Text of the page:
2402 Carriage Oaks Drive Raleigh, NC 27614
4bd/4.5 bath 4,755 square feet $535,000
GORGEOUS MULTI-GENERATIONAL TOWNHOME OVERLOOKING 1ST GREEN AT WAKEFIELD TPC GOLF COURSE!
PRIVATE 1st FLOOR OWNER’S STE W/PRIVATE ACCESS TO DECK. OPEN FLR PLAN FEATURES FAMILY RM, SEP LIVING RM
/KEEPING RM, FORMAL DR, BREAKFAST RM & LARGE/OPEN KITCHEN. (3) LGE ADDL BR, PRIVATE IN-LAW/TEEN SUITE W/FULL
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What does it take to build a successful real estate career?
I would start by saying that it takes a total commitment on your part to make it happen. You have to put in the work to make it in this business. There are a lot of professions where you can just fake it and still collect a check every two weeks, but real estate isn’t one of those. You can get all of the training in the world and sit through all of the most informative seminars you can attend, but until you look at yourself in the mirror and make a commitment to put all that training to work, you will be broke. The majority of the real estate trainers and coaches out there will tell you a lot of the same information and strategies. It is all good information and the programs put in place are proven to be successful, but they still require the effort from you. Getting training is great, but if you don’t follow through with the effort, you will not make it in this business. So many agents have a confused look on their face and wonder why they don’t have any business. The reason is simple! You didn’t do the work! You put in minimal effort and expected maximum results. That’s not how this business works. It took me a little time to figure out that every single email or face to face contact with someone is an opportunity to earn business. You don’t have to be the annoying person walking around passing out cards, but when you do talk to someone, make sure they know what it is you do for a living. Make sure you listen to them instead of just trying to tell as many people as possible that you’re an agent. You can’t be afraid to ask for the business or a referral, but you don’t want to come across like a pushy sales person either. This is a business and you need to treat it like that. You wouldn’t open up a storefront business and then not show up to unlock the doors 3 days a week. Why would you start real estate business and not do any work 3 days a week. My philosophy has always been that if I am not out there actively pursuing business leads, someone else is. If I am not willing to put in the work, someone else is. I take it personal when a potential client chooses another agent to list their home or represent them as a buyer. It doesn’t bother me for very long, but I do remember them and make sure that if it was something specific as to why they didn’t choose me, I never let it happen again. Write a business plan, stick to that business plan and be accountable for your business. If your goal is to be a successful agent, be willing to put in as much effort as they did to get where they are.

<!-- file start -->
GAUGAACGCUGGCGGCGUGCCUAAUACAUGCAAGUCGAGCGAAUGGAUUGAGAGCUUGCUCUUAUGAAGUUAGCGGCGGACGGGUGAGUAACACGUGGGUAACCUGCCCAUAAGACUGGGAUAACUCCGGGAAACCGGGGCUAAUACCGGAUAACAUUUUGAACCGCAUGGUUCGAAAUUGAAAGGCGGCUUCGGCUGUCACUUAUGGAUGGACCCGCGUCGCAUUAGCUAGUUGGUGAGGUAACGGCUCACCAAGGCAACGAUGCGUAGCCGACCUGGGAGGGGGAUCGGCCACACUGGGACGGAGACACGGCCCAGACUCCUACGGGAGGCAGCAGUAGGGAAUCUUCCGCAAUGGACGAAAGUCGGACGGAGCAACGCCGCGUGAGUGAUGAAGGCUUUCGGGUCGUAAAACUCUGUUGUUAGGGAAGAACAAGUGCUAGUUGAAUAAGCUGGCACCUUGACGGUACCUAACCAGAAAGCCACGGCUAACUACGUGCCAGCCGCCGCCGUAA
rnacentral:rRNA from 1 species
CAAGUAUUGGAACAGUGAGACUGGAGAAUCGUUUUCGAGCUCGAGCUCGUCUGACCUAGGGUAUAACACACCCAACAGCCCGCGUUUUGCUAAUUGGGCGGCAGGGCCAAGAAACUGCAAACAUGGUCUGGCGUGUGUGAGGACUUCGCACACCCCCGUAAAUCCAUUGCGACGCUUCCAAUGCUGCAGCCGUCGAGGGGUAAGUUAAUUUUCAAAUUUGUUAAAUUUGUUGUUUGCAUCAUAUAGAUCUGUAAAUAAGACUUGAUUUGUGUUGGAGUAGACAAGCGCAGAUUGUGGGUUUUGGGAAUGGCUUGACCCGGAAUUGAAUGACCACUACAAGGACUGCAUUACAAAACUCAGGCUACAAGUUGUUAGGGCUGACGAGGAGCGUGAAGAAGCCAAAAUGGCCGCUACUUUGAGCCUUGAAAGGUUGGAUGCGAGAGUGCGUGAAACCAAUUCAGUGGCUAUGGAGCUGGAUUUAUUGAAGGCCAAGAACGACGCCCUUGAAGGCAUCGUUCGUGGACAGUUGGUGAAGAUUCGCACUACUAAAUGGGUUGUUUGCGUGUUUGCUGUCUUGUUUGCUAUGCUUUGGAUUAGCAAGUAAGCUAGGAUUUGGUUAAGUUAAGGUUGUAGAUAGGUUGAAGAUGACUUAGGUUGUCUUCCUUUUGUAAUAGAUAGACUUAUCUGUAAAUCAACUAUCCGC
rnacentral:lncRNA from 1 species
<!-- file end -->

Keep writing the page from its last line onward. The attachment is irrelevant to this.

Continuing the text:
Jeremy J. Burns
When another offer gets accepted and your client is left to continue their search, it can be difficult. The hard thing is that in a lot of situations your client might have had the highest offer, but it might not have been the best offer for the seller. Loan to value ratio plays a huge role in this process and in our market, cash deals are always abundant. Last year 30% of real estate transactions were done with cash deals in the triangle. That is well above the national average and puts a lot of homebuyers on the outside looking in. If you are FHA, VA or conventional putting down less than 20% it can make the appraisal play the most important role in your transaction. Although you might be willing to pay the highest amount for the home, the lender might need be able to provide the offer price due to the home not appraising for that amount. Then you are left with the option of coming out of pocket for the difference or trying to negotiate the purchase price down. The purchase price is not likely to be negotiated, especially if you have multiple offers. The seller will just move on to another buyer who is willing to cover the difference.
The moral of the story is that just because you didn’t get your offer accepted, that doesn’t mean that your offer wasn’t the highest. It just wasn’t the best. Keep the faith, stay positive and trust the process. Everything happens for a reason and you will find your perfect home. It might even be the one you lost out on the first time around!